I have taught various language courses at three institutions as a graduate student. At UMass Amherst, I have taught all the basic and intermediate Spanish-language courses, “Spanish for Heritage Speakers” (SPAN 314), “Advanced Grammar” (SPAN 311), and “Oral and Written Expression” (SPAN 312). In the Summer of 2019, I was selected as the Assistant to the director of the Salamanca Program at UMass Amherst. I was in charge of leading the discussion sessions about Spanish and Culture at the University of Salamanca. In the Fall of 2022, I taught Spanish III and II at Amherst College.

As an instructor of Spanish in higher education institutions, my primary goal is for my students to feel confident and communicate without thinking they are making mistakes or do not speak “proper Spanish.” No matter the level or the topic of the class, be it heritage speakers or students of Spanish I, my courses follow an anti-racist pedagogical approach, thus creating a safe space to learn not only a language but also its history, varieties, and cultural intricacies.

Community Service:

Community engagement is strongly linked to my teaching practices and research. Since 2020, I have worked at least 6 hours a week by serving as the Seal of Biliteracy Program’s Assistant to the Spanish Director in the Amherst-Pelham Regional Schools (ARPS). My current responsibilities include looking for volunteers to participate as language instructors in the clubs so students can practice their home language and earn the Seal of Biliteracy. I have also worked with The Amherst Human Rights Commission, Amherst College, and ARPS Multilingual Parent Advisory Council (MPAC), creating community events that celebrate and give visibility to the multilingual families in Amherst. Some of these events were part of the Latino/a/x/e Heritage Month Celebration and the Linguistic Heritage month Celebration. 

Selected publications:



Gubitosi, P., Narváez Burbano, D., & Puma Ninacuri, C. (2023). “The Ecuadorian diaspora in Madrid and the conceptualization of sociolinguistic authenticity.” In A. Patiño-Santos & R. Marquez Reiter (Eds.), Language practices and processes among Latin Americans in Europe. Routledge. ISBN9781003130703. (Forthcoming)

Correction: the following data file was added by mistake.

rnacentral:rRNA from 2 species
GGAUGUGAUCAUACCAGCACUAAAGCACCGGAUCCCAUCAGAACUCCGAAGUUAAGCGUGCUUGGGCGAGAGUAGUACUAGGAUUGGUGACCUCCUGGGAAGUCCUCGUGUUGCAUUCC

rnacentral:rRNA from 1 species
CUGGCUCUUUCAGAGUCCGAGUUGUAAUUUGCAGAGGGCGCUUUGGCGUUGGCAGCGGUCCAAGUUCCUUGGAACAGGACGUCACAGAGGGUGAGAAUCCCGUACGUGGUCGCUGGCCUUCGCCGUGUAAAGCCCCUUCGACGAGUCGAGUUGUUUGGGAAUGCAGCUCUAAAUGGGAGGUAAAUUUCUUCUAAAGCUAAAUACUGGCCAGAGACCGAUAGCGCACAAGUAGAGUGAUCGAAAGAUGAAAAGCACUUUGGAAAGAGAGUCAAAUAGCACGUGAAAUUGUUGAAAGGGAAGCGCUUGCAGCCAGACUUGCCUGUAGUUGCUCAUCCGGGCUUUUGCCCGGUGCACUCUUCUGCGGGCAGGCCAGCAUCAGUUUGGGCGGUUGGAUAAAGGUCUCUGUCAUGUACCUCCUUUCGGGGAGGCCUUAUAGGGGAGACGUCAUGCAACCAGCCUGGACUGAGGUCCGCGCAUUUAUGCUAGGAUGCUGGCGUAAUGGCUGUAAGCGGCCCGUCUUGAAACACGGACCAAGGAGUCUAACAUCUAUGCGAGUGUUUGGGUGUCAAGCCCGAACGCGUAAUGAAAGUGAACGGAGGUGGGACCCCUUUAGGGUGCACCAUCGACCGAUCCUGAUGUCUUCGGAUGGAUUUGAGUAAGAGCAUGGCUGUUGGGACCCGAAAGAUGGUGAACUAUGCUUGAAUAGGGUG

Narváez Burbano, D. (2022). “Two varieties of Ecuadorian Andean Spanish: the variable use of direct object pronouns in Facebook comments.” In Gómez, R., O’Rourke, E., & García, C. (Eds.) Ecuadorian Spanish in the 21st Century: Historical and Contemporary Perspectives, 253-276. Cambridge Scholars Publishing. ISBN 1-5275-8680-4.

Puma Ninacuri, C., & Narváez Burbano, D. (2021). “Linguistic Landscape in Otavalo. Kichwa, Spanish or English?”, In Gubitosi, P. & F. Ramos Pellicia, M.F. (Eds.) Linguistic Landscape in the Spanish-speaking World, 313–340. Issues in Hispanic and Lusophone Linguistics, vol. 35. Cambridge, MA: John Benjamins Publishing Company.

Narváez Burbano, D. (2020). “Vitalidad lingüística del Kichwa karanki: un estudio desde la documentación activa.” In M. Haboud, C. S. Sánchez, & F. Garcés (Eds.), Desafíos en la Diversidad 2. Desplazamiento lingüístico y revitalización: Reflexiones y metodologías emergentes, 215–248. Abya Yala/PUCE/Oralidad Modernidad/ DIPALICORI.


Matachana López, C., & Narváez Burbano, D. (2022). ““10 palabras en español que has estado diciendo mal”: Ideologías lingüísticas sobre el español en los Estados Unidos presentes en YouTube.” Hispania 105(2), 195-212.

Gubitosi, P., Puma, C., & Narváez Burbano, D. (2021). “Landscaping an Ecuadorian Neighborhood in Queens, NY". Cuadernos de lingüística hispánica [online]. 2020, n.36, 211-234.